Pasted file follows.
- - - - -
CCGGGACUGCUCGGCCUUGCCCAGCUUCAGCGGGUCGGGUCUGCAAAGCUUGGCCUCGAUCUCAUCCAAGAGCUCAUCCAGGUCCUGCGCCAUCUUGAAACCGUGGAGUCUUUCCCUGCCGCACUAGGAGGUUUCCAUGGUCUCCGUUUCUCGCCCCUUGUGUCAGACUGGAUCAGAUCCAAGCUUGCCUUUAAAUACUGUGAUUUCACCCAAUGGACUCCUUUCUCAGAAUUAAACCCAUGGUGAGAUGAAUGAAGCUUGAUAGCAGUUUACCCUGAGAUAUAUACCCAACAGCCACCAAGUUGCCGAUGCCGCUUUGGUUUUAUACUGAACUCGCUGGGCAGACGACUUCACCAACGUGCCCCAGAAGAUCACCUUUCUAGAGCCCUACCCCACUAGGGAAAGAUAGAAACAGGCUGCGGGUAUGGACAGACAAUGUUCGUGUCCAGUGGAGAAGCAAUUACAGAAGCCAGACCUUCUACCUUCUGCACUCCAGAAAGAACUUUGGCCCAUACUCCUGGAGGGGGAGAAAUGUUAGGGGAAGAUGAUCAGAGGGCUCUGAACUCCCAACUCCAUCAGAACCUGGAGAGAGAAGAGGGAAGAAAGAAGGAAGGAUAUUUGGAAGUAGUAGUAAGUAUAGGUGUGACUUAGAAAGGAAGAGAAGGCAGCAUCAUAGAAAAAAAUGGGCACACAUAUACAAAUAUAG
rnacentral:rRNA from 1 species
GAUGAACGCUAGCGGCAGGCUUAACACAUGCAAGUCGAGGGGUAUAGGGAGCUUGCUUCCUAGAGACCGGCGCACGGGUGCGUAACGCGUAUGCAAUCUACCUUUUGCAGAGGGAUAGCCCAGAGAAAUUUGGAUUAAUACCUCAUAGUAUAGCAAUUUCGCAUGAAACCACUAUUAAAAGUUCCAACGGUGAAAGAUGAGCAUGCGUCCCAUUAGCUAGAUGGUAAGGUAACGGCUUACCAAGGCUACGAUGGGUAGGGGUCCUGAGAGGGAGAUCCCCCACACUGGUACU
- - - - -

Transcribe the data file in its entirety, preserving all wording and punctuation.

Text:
CCGGGACUGCUCGGCCUUGCCCAGCUUCAGCGGGUCGGGUCUGCAAAGCUUGGCCUCGAUCUCAUCCAAGAGCUCAUCCAGGUCCUGCGCCAUCUUGAAACCGUGGAGUCUUUCCCUGCCGCACUAGGAGGUUUCCAUGGUCUCCGUUUCUCGCCCCUUGUGUCAGACUGGAUCAGAUCCAAGCUUGCCUUUAAAUACUGUGAUUUCACCCAAUGGACUCCUUUCUCAGAAUUAAACCCAUGGUGAGAUGAAUGAAGCUUGAUAGCAGUUUACCCUGAGAUAUAUACCCAACAGCCACCAAGUUGCCGAUGCCGCUUUGGUUUUAUACUGAACUCGCUGGGCAGACGACUUCACCAACGUGCCCCAGAAGAUCACCUUUCUAGAGCCCUACCCCACUAGGGAAAGAUAGAAACAGGCUGCGGGUAUGGACAGACAAUGUUCGUGUCCAGUGGAGAAGCAAUUACAGAAGCCAGACCUUCUACCUUCUGCACUCCAGAAAGAACUUUGGCCCAUACUCCUGGAGGGGGAGAAAUGUUAGGGGAAGAUGAUCAGAGGGCUCUGAACUCCCAACUCCAUCAGAACCUGGAGAGAGAAGAGGGAAGAAAGAAGGAAGGAUAUUUGGAAGUAGUAGUAAGUAUAGGUGUGACUUAGAAAGGAAGAGAAGGCAGCAUCAUAGAAAAAAAUGGGCACACAUAUACAAAUAUAG
rnacentral:rRNA from 1 species
GAUGAACGCUAGCGGCAGGCUUAACACAUGCAAGUCGAGGGGUAUAGGGAGCUUGCUUCCUAGAGACCGGCGCACGGGUGCGUAACGCGUAUGCAAUCUACCUUUUGCAGAGGGAUAGCCCAGAGAAAUUUGGAUUAAUACCUCAUAGUAUAGCAAUUUCGCAUGAAACCACUAUUAAAAGUUCCAACGGUGAAAGAUGAGCAUGCGUCCCAUUAGCUAGAUGGUAAGGUAACGGCUUACCAAGGCUACGAUGGGUAGGGGUCCUGAGAGGGAGAUCCCCCACACUGGUACU